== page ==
My Skype account has not been affected by this issue but as a precaution I have changed my password. I will continue to monitor this issue and will update this post should any further recommendations be provided by Skype.

Update: 6th August 2015:
Sorry for not updating this post sooner. Skype has concluded their investigation of this issue. They have determined that user login credentials were obtained possibly using phishing attacks or when the credentials used to login into other online accounts match the credentials used for Skype.

Please find a full explanation and appropriate recommendations from Skype within the first post of this Skype forum thread. As before my account was not affected by this issue but I did change my password (as mentioned above) when this issue was first highlighted.

Update: 9th Sept 2015: Malwarebytes provides further information on this issue within their blog post.

Thank you.

New Attack Method Published For RC4

Update: 7th September 2015: As mentioned in a more recent blog post Mozilla, Google and Microsoft have announced plans to complete the phase out of RC4 in early 2016. Their actions will mean that the advice provided below will be redundant.
Original Post:

Two researchers from the University of Leuven have published a research paper that describes a refined attack technique on the cryptographic algorithm RC4 (Rivest Cipher 4, originally developed by cryptographer Ron Rivest).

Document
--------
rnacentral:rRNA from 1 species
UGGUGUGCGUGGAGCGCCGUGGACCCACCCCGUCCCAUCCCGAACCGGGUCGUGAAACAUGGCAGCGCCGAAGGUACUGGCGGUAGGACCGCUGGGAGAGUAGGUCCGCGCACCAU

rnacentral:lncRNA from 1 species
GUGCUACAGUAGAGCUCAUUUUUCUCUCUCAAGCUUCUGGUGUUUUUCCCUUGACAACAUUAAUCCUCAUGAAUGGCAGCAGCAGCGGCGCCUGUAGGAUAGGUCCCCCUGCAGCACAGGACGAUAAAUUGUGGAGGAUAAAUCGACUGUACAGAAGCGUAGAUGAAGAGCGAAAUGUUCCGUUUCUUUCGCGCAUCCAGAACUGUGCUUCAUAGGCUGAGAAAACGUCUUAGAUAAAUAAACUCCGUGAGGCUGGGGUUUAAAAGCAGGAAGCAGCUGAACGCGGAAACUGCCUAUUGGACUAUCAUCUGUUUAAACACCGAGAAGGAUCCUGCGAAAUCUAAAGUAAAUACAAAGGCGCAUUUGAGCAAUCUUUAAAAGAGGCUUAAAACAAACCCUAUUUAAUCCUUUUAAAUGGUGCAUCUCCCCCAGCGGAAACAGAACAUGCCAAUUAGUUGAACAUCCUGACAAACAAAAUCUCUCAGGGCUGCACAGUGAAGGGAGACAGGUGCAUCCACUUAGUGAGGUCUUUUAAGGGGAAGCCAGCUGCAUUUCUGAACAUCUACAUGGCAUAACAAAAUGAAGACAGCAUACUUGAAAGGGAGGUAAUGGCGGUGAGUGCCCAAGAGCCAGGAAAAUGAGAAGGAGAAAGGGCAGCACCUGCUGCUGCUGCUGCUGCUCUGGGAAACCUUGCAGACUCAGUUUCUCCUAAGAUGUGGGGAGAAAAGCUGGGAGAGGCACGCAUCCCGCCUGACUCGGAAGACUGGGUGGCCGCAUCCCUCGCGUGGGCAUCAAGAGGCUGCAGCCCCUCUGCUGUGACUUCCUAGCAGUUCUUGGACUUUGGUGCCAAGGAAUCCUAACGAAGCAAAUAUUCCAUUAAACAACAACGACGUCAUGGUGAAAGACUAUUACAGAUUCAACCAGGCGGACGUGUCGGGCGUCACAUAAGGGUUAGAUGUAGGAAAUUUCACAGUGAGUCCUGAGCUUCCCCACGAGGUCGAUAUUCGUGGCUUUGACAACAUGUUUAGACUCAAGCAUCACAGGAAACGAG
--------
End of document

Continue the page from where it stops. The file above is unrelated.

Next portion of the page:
While previous attacks on RC4 have been detailed in the past the amount of time needed, approximately 2000 hours meant that such attacks while possible were not practical enough to make them likely. The new attack should take about 75 hours to locate the correct authentication cookie used in an encrypted session.

The attack has been reduced in time due to new biases that have been found in the initial keystream bytes of RC4 which means that fewer encrypted samples of the desired authentication cookie are required (reduced from 13 . 2 ^ 30 to 9 . 2 ^ 27). In addition, the algorithm used to gather these samples can now make 4450 requests per second, an increase from 1700 requests per second of a previous attack method. These requests collect all possible values of the authentication cookie and then an algorithm is used to brute force these collected values until the desired value is found. This has resulted in the dramatic decrease in the time needed for this attack to be successful. The researchers tested this attack on real-world devices and achieved a time of 52 hours (see the “Demonstration” heading) needed to obtain the actual authentication cookie.